Mt. Pleasant water woes bubble up

Mt. Pleasant water woes bubble up


Aspen Village repair bid is more

than $100K over budget


By Doug Lowe

Staff writer


MT. PLEASANT— City leaders once again found themselves pondering a variety of water-related problems at last week’s meeting.

Tuesday evening’s difficulties began when bids were opened for implementing water system improvements for Aspen Village.

Grant money had already been approved for solving the biggest water-related problems in the Aspen Village mobile home park on Power Plant Road.

With all the necessary engineering design completed, bids had been solicited from contractors wanting to install a new water main, a new fire hydrant, and new individual supply lines, with separate meters, running to each of the mobile homes in the park.

Upon opening the bids, it was discovered that even the low bid, of $520,000, greatly exceeded the $375,000 in projected grant funding. That disappointing discovery left the three city officials in attendance—Michael Olsen, the mayor; Monte Bona, the head of community development and renewal; and, Dave Oxman, finance director—figuratively scratching their heads while two representatives from Sunrise Engineering did the same.

Eventually, Bona suggested, “It looks like we need to either scale back the project or get the granter to give us more money, which I doubt they will do.” After that, the five men began brain storming ways to obtain additional funding or scale back the project’s scope.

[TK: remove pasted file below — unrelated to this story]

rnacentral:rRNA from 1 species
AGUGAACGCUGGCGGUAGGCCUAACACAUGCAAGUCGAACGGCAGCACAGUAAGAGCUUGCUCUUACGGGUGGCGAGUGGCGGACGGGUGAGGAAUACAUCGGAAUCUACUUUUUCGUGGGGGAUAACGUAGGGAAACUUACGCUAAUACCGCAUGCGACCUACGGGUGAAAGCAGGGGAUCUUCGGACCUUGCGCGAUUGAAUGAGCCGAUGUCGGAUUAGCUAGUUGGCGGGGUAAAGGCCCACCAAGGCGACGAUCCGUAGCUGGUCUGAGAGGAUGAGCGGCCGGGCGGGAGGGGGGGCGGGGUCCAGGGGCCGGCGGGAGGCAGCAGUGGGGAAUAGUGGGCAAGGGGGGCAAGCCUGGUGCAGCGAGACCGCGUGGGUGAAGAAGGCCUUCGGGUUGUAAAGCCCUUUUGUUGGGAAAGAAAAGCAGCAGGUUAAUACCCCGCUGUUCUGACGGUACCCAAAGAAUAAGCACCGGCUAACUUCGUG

By the meeting’s end, no final decision had been made, and city officials agreed upon further research.

In the city council meeting that followed, there was a discussion on Sunrise Engineering’s work on improving the town’s culinary water supply; and the work of J-U-B Engineers toward increasing the yield of irrigation water from the neighboring canyons.

A little more than three years earlier, the city council gave Sunrise Engineering the go ahead to work towards a new pipeline carrying contaminated Sneak Springs water to a new treatment plant, and also towards drilling one or two new wells to help meet drought and future growth needs.

Council’s decision to proceed with the culinary water plan proposed by Sunrise Engineering was reach in May of 2017, when project engineer, Robert Worley, present five options for addressing culinary water needs that had already outstripped the available supply.

Unfortunately, earlier efforts made a few years earlier, to capture more water from Sneak Springs had the opposite effect: resulting in the loss of some 300 gallons per minute due to increased contamination by surface water.

According to Mayor Olsen, “That all happened before my time, so I know little about it. But, I do know we don’t have enough year-around culinary water for a city our size—let alone future growth.”

Currently, the city uses three non-well sources for its water: Barton Spring, Sneak Springs and Coal Fork Stream. At present, Mt. Pleasant also owns 2,028 acre feet of water, but uses only a little more than 1,000 acre feet. Still, the city is able to provide only some 1,220 gallons per minute (gpm) of culinary water, even though state standards call for the provision of some 1,598 gpm. So, the city has been short more than 300 gpm for a while now.